Global Political Calendar: A step towards a Brexit solution?
By John Goodrich
Fresh Brexit votes take place, New Zealand's prime minister visits China, the ninth round of Sino-U.S. trade talks gets underway and NATO marks its 70th anniversary.

No, no, no… compromise?

March 29 – once known as Brexit day – has been and gone with Britain little closer to deciding how to leave the European Union. No-deal, no exit, a softer option, an election? All remain possibilities as another week of high stakes votes lies ahead of the latest deadline, April 12.
Prime Minister Theresa May's withdrawal deal suffered a third rejection last week, yet she is thought to be contemplating bringing it back for a fourth time in the coming days – and has indicated she may try to force an election if it doesn't pass. The problem is, an election is unlikely to lead to a majority for any party and several of May's Conservative MPs have said they will vote against holding one.    
A solution may lie with indicative votes. The first round last week didn't find a majority for any of eight options, but a clear preference for a softer Brexit emerged. Permanent membership of a customs union and a Common Market 2.0 plan as well as a confirmatory referendum are likely to be popular choices when round two is held on April Fool's Day.
A way forward could be a merger of the two – putting the withdrawal deal together with a plan for a softer future relationship, or even pitting May's deal against whatever the favored indicative option is. With such stark divisions and serious consequences to whichever route is chosen, there are no easy answers – but the next few days should at least narrow down the options. 

NZ PM in China

Jacinda Ardern makes her first visit to China as New Zealand's prime minister on Sunday, with trade and tourism ties set to be high on the agenda.
Discussions are likely on an upgrade to the Free Trade Agreement signed between the countries in 2008, and the Belt and Road Initiative is expected to feature prominently.
New Zealand was the first developed Western economy to sign a Memorandum of Understanding on the BRI, and will be sending a delegation to the Belt and Road Forum for International Cooperation in Beijing in April.
Other dignitaries in China this week include Mongolian Foreign Minister Damdin Tsogtbaatar and Thai Princess Maha Chakri Sirindhorn.

Liu goes to Washington

China and the United States made "new progress" on an agreement to end the two countries' trade dispute after talks between top officials in Beijing last week.
Negotiations between trade delegations led by Vice Premier Liu He on the Chinese side and Treasury Secretary Steven Mnuchin and Trade Representative Robert Lighthizer for the U.S. are set to recommence in Washington this week.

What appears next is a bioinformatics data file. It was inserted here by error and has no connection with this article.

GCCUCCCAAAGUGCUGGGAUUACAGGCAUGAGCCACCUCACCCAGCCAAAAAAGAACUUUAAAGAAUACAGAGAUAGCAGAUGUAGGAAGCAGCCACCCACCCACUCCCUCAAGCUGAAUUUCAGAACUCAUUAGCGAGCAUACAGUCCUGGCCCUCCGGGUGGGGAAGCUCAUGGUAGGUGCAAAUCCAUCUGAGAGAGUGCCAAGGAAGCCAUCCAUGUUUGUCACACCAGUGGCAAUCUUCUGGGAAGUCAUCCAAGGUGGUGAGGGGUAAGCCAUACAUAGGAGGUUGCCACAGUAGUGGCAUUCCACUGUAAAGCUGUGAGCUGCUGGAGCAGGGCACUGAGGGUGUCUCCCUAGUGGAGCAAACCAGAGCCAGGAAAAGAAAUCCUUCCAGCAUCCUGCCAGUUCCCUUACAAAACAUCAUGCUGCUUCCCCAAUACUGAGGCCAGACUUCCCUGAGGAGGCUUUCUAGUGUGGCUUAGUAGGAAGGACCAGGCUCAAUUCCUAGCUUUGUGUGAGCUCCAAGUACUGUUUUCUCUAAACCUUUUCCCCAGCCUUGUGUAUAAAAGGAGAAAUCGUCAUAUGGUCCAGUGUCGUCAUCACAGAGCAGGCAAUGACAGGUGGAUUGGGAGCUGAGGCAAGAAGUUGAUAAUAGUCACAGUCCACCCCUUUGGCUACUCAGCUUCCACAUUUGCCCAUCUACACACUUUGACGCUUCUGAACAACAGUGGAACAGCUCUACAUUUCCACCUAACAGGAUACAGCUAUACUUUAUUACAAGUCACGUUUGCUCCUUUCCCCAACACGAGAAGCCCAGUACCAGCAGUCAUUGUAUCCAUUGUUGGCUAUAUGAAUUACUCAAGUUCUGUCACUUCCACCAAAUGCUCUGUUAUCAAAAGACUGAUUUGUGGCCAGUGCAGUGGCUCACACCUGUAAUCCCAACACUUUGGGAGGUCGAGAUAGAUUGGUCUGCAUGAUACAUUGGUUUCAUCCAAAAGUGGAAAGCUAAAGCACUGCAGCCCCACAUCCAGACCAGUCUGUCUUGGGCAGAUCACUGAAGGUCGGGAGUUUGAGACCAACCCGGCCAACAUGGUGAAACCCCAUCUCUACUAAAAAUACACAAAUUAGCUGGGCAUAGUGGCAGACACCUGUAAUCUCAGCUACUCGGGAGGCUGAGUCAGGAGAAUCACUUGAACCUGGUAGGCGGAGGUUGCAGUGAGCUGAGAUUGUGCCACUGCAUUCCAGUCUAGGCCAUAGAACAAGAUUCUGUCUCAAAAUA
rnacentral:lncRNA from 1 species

Also last week, Premier Li Keqiang said China will continue to expand market access to foreign firms as JP Morgan and Nomura were granted regulatory approval to set up majority-owned brokerage joint ventures in the country. 
And on Sunday, there was positive news for China's economy as factory activity grew for the first time in four months.

NATO at 70

The North Atlantic Treaty Organization marks its 70th anniversary this week, with foreign ministers from the 29-nation group due for talks in Washington and Secretary General Jens Stoltenberg set to give a joint address to the U.S. Congress.
Stoltenberg is also due to meet U.S. President Donald Trump, who has been a repeated critic of the bloc. How the U.S. president, who last week suggested bringing Brazil into the alliance, marks the 70 years will be closely watched. He rebuked allies at a NATO summit last year and continues to criticize members for not meeting a goal of spending two percent of GDP on defense.
While the alliance has been in Trump's crosshairs in recent years, the anniversary is expected to draw protests in the U.S. from the left with a peace march and a counter-conference planned.


Monday: New Zealand's Prime Minister Jacinda Ardern is in Beijing, Mongolian Foreign Minister Damdin Tsogtbaatar visits China, British MPs hold a second round of votes on Brexit options, Brazilian President Jair Bolsonaro visits Israel, and 2020 presidential hopefuls in the U.S. address the "We the People" gathering of progressive groups.
Tuesday: The 23rd ASEAN Finance Ministers' Meeting begins in Thailand, Greek PM Alexis Tsipras visits North Macedonia, Australia's 2019 budget is announced, and French President Emmanuel Macron and Irish PM Leo Varadkar discuss Brexit in Paris.
Wednesday: Princess Maha Chakri Sirindhorn of Thailand begins a week-long visit to China, NATO Secretary General Jens Stoltenberg addresses the U.S. Congress as the alliance marks its 70th anniversary, Kazakhstan's new President Kassym-Jomart Tokayev visits Russia, and further Brexit votes could take place.
Thursday: German Chancellor Angela Merkel visits Ireland, and FBI director Christopher Wray faces the House Committee on Appropriations.
Friday: Foreign and interior ministers from G7 nations meet in France ahead of August's Biarritz summit.